The Dimensionality of Stage Lighting

Consider a highly simplified example that leads to a fairly intricate space of geometric objects. The lighting director of a local theater has to arrange a set of lights over the stage so that they illuminate certain parts of the floor at certain times. Sometimes the size of a spot needs to change during the course of a performance. Sometimes one colored circle of light must be contained in another. How can she keep track of all the circles of light, and how can she design her lighting directions so that her assistants can carry them out?

The lights all have the same form. A single bulb is suspended from a wire hanging from the ceiling, and a conical shade directs the light out in a beam, which meets the floor in a disc of light. The sides of the shade come down at such an angle that the radius of the disc is equal to the height of the bulb above the floor. Thus the lighting director can specify the radius of the disc by specifying the height of the bulb above the floor, a feature that makes it easy for the director to specify the location of any light. She can always indicate the position of the center of the disc by noting the coordinates used by the director of the play to give her instructions, and for a complete specification, she adds a third coordinate giving the radius, or the height. The collection of lights is thus a three-dimensional configuration space.

Left: Cones of light from bulbs suspended above a stage determine circle patterns on the floor. Right: The coordinates for the center and radius for each disc of light indicate whether or not the disc will remain completely within the stage area.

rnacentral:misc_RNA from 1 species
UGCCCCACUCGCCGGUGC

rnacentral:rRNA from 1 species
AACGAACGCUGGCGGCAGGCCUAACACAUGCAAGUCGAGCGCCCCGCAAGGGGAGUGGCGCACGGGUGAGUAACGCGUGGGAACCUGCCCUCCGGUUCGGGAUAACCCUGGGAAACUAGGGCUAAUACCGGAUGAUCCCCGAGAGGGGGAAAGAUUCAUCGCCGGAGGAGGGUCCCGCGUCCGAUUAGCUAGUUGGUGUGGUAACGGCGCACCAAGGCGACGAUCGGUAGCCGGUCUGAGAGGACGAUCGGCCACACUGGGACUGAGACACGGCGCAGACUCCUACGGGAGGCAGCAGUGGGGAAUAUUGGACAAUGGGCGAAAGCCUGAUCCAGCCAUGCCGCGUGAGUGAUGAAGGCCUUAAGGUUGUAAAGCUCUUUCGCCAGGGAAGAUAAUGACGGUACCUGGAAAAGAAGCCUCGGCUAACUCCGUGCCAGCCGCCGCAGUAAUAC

On one level, the use of three coordinates provides a convenient way to record the various lights. For example, the coordinates (6, 8, 3) might indicate a light centered at a stage point 6 feet from the left side and 8 feet from the edge of the stage, having radius 3. On a deeper level, the collections of coordinates define a geometrical space. When mathematicians call a collection a space, that term generally indicates that more structure is present. In the case at hand, it is possible to use the coordinates to determine particular properties of the lights and their relationship to the stage and to one another. For example, the light with coordinates (6, 8, 3) stays on the stage, while the light corresponding to (12, 3, 4) comes off the front of the stage. It is easy to determine a rule that tells when a light stays away from the front rim of the stage, namely that the second coordinate is larger than the third. In this way we see a relationship between the geometry of the configurations and the relationships among their coordinate representations.

The lighting director can also solve more complex problems by referring to the coordinates. For example, when will one spot be contained in another? This happens when the distance between the points in the plane given by the first two coordinates is greater than the difference of the third coordinates. In this space, the three coordinates do not play the same roles, so even though the geometry of the configuration space is three-dimensional, it is not identical with the usual geometry of ordinary three-space.